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Zachary Hughes ~~ 12/17/91 - 08/05/07 ~~ Victim of The Choking Game

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On August 5, 2007, life as I knew it came to an abrupt halt. My 15 year-old son, Zach, was found dead, slumped over with a rope around his neck. I will never forget the shock, total dismay, disbelief, and extreme depression when the investigator told me, “Zachary hung himself…”  When I had spoken to a deputy about half an hour prior he told me there had been an accident and that I needed to get there right away. The deputy wouldn’t tell me anything over the phone. When I asked if Zach was alright, and he would only tell me that he really needed to talk to me in person, I knew that meant the worst. I prayed the whole agonizing half-hour drive to the site and reassured myself between tears, stating over and over again, “Zachy will be alright, he’ll be o.k.” 
 
I didn’t understand why he would want to leave the world. He was so happy – just returning from his trip to England three days prior. He excitedly showed me his souvenirs and told me of his purchases of World War II memorabilia (he was a major history buff and was reading books all the time about history). He was so proud of the prices he paid and was proud of the fact that he made investments.  “These are worth far more than I paid for them, Mom. But you don’t sell them. You don’t sell them until you get old, THEN you sell them. They’re an investment, Mom.” He was a very smart kid and for 15 had a great deal of insight. 
 
He was so happy. He loved helping people. It made him feel good to volunteer and he was proud of a job well done. He was on the honor roll. He played the tuba in the band. He was a lifelong scout and was well on his way to becoming an Eagle Scout. He had plans. He had goals. He loved to talk and share what he learned. He was in the middle of writing a science fiction book. It is really quite good, especially for a 15 year-old. He had just started on the next chapter the night he returned from England. 
 
Again, he was only 15 years old. He wasn’t a perfect kid – I don’t believe such a person exists. Zach made mistakes and was moody – all normal for a 15 year-old. Like most kids his age, he thought he knew more than he actually did, and that his mom didn’t really know much. But, Zach never gave me any reason to believe he would engage in any major risky behavior. He loved the D.A.R.E. program. He was adamant about his views against drugs and alcohol. He looked forward to getting his driver’s license – he would have been 16 in December. 
 
Zachary did not show any of the classic signs of depression. He was outgoing, not withdrawn. He was planning for the future, not putting his affairs in order. The night that Zach died, he had camping survival gear with him, and had set his alarm for the morning so he could get up in time to go to church. Zach was not depressed.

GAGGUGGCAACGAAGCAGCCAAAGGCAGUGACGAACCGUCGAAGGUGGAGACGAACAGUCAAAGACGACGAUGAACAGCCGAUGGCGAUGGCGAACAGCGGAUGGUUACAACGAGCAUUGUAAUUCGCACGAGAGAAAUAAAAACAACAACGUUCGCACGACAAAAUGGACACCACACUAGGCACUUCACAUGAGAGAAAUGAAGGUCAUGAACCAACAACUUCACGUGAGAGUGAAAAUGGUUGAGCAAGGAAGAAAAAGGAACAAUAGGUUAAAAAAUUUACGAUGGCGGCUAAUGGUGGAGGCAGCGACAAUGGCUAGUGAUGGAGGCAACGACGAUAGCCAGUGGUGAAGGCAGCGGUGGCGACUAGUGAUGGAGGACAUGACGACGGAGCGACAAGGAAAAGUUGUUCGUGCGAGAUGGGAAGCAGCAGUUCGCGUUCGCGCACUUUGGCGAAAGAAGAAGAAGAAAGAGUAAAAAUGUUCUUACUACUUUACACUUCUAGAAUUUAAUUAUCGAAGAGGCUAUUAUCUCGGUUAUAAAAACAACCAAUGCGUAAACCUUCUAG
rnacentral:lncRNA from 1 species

I truly believe that Zach got caught up in what is called, “The Choking Game.” I had heard it briefly mentioned on some news show, but I didn’t really know much about it. After doing just a small amount of research after Zach died, I am amazed at the extent of the problem. It is extremely prevalent and, like me, most parents are not aware of the problem. What’s even more disturbing is that the kids engaging in this activity are not aware of the dangers. 
 
The way to combat this deadly “game” is through education and straightforward talk with kids and parents. Parents need to know about this problem and keep a careful eye open. Kids need to be taught the dangers. The average kid engaging in this activity is between the ages of 10 and 16, some are older, some are younger. The average kid doing this, is against drugs and alcohol, does well in school and is intelligent, doesn’t cause problems and is considered to be a “good kid” by adults and peers. As intelligent people, these kids are making uninformed, deadly choices. Kids need to know that by depriving their brains of oxygen they are killing their brains. Millions of brain cells die each time they choke themselves. The feeling of euphoria, the warm tingling sensation they feel is a result of brain cells dying. The rush of blood back into the brain causes severe pressure on the blood vessels. This can lead to stroke, seizures, migraine headaches, and other types of permanent brain damage. This activity also stresses the heart, lungs and other internal organs. Performing this activity even once can cause death. 
 
That’s what happened to Zach. He performed the Choking Game alone. He leaned into the rope with the intention of standing up (the rope was not tied to the top of the bar, it was not tight around his neck, and he did not jump from a high place). His feet were on the ground when he was found. He passed out before he could stand up. It only takes five to ten seconds for a person to pass out from doing this. Since he was alone, nobody could help him stand up. The slick rope he used would have normally come loose and allowed him to fall to the ground allowing him to regain consciousness. However, due to the extremely humid conditions and high heat that night, the rope dug in.